This week at the SFF Seven, we're examining the differences between writing a short story, novella, novel, series. We're asking each other: Do you prepare for length beforehand or edit down (or add new stuff) afterward?
So, I have Strong Opinions about this. Something that may come as a surprise to exactly none of you.
I am primarily a novelist now and the shortest works I write are novellas that are typically no less than 25K words. (My novels range from 90K-120K.) When I first started writing, I wrote essays and short stories. My first book - Wyoming Trucks, True Love, and the Weather Channel - was an essay collection. Writing those shorter lengths came naturally to me from work in school.
When I transitioned to writing novels, it was MUCH more difficult than I expected. I had this idea that it would be like writing a really long essay.
Reader: it was not.
I had to learn the rhythm and pacing of a novel, which feels like an entirely different art form than writing novellas or shorts. Because... it is. It's a common error for an author to attempt to stretch a short story concept into a novel. Readers notice that the story feels "thin," stretched out for too long, and filled with stuff that's boring because it's unnecessary. Or, sometimes, a story that's novel-length gets wedged into a shorter format. Then it feels rushed, over too soon, and never fully explored.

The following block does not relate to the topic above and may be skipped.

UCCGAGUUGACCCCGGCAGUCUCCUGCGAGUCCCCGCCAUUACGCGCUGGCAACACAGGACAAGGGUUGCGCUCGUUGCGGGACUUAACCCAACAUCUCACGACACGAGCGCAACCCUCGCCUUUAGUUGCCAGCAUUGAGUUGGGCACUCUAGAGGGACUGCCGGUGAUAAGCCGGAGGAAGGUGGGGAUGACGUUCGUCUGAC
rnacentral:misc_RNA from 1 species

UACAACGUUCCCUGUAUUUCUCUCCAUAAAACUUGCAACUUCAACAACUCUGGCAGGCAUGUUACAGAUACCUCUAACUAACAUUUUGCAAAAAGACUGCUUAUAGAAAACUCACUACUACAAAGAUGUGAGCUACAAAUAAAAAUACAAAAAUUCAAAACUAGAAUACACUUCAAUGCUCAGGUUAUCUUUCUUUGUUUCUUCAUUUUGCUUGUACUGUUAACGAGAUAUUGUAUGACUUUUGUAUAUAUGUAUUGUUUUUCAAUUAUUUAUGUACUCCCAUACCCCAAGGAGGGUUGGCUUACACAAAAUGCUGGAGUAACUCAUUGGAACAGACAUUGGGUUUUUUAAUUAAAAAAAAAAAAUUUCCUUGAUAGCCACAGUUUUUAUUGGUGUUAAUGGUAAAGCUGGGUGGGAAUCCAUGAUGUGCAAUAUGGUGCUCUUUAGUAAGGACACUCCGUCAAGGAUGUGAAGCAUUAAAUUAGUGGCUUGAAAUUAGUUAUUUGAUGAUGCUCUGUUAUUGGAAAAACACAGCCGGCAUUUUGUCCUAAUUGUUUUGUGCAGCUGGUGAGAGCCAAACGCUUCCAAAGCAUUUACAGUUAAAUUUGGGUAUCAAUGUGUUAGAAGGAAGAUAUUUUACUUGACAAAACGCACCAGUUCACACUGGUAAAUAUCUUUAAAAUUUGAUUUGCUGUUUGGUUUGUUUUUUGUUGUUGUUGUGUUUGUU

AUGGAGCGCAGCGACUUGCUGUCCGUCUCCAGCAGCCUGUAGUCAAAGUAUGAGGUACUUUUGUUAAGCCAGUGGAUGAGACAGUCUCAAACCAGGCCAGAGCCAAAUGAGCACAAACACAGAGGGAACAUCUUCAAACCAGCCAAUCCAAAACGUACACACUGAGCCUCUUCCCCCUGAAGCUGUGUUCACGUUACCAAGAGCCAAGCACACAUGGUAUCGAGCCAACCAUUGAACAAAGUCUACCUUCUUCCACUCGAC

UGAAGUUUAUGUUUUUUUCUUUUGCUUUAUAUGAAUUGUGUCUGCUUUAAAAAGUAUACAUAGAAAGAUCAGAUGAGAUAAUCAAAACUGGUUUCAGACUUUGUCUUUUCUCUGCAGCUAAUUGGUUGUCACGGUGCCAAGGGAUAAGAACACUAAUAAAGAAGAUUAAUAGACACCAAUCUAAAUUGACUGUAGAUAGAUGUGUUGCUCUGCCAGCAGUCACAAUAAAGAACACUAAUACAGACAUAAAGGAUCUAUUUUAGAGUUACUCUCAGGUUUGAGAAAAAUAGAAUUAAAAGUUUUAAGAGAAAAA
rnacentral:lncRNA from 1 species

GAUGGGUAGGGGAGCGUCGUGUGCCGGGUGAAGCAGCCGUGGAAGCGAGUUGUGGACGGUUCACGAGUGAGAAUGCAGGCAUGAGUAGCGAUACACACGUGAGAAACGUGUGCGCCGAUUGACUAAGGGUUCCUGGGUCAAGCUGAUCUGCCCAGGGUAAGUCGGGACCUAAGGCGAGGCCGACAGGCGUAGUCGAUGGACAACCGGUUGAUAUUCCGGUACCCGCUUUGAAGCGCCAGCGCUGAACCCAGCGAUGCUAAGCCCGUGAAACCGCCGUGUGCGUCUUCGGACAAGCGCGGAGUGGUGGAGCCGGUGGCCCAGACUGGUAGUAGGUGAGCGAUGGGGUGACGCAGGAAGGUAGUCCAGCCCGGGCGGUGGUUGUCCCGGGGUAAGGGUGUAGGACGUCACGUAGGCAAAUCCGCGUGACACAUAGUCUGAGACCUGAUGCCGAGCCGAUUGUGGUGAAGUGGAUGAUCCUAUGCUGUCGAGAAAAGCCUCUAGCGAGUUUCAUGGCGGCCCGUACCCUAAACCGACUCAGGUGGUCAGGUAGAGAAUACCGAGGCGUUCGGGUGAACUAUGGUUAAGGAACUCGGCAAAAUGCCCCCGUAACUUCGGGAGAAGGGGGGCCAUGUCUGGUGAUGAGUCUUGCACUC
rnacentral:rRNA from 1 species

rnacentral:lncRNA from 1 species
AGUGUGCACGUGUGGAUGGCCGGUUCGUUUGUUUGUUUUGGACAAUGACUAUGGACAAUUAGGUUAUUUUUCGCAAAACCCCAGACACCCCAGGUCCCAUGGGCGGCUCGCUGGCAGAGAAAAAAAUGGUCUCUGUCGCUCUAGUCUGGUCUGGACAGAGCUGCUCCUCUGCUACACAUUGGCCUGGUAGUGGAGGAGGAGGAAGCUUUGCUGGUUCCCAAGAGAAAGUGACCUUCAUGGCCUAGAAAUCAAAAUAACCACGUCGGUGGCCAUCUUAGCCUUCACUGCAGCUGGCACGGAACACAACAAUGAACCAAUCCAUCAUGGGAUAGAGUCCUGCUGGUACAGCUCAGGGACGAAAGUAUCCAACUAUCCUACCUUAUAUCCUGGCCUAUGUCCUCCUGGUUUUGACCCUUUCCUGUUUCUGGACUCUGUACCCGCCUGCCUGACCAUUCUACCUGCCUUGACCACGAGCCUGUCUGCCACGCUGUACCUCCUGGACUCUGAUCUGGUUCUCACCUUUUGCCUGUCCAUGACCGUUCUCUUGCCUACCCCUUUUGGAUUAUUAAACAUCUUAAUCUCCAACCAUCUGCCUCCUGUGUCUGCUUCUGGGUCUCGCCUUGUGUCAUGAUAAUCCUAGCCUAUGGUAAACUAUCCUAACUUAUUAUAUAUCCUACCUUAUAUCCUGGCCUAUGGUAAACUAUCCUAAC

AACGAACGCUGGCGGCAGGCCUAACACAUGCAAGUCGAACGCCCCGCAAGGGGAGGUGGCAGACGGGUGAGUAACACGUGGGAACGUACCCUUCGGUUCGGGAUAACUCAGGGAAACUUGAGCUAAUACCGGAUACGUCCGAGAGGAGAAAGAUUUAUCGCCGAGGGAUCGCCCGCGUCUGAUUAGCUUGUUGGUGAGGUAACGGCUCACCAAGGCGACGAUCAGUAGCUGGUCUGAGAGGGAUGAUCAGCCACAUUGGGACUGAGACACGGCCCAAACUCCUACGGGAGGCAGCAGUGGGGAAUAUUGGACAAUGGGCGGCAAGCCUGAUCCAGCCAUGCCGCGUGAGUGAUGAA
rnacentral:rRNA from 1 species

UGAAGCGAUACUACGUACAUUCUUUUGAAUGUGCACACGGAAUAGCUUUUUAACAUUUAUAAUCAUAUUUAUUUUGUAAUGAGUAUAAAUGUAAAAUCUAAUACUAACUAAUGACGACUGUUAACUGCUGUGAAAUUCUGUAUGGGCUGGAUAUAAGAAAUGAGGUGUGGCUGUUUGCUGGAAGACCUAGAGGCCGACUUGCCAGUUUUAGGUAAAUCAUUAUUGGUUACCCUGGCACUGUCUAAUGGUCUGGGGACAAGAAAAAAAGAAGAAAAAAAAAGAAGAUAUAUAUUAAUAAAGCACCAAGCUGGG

So, my answer is that I *always* prepare for length beforehand. The story concept MUST fit the planned length. It's a matter of choosing a story with the correct scope for that length. Shorter works have fewer secondary characters and more straightforward conflicts. Very short works should explore a single idea. One surefire way to confine a story to a shorter length is to have it take place over a much shorter span of time. For example, my novella, THE LONG NIGHT OF THE CRYSTALLINE MOON, which is the prequel to Heirs of Magic, takes place over the course of a single night. This helps to make up for the fact that I have a lot of secondary characters - more than any other novella I've written. It wasn't ideal, but I made that choice because I was introducing a new series.
Naturally, there are no actual rules. Or, if there are, they're made to be broken. But I do think that adding or deleting to winnow a novel into a short, or fattening up a short to make it a novel, almost never works.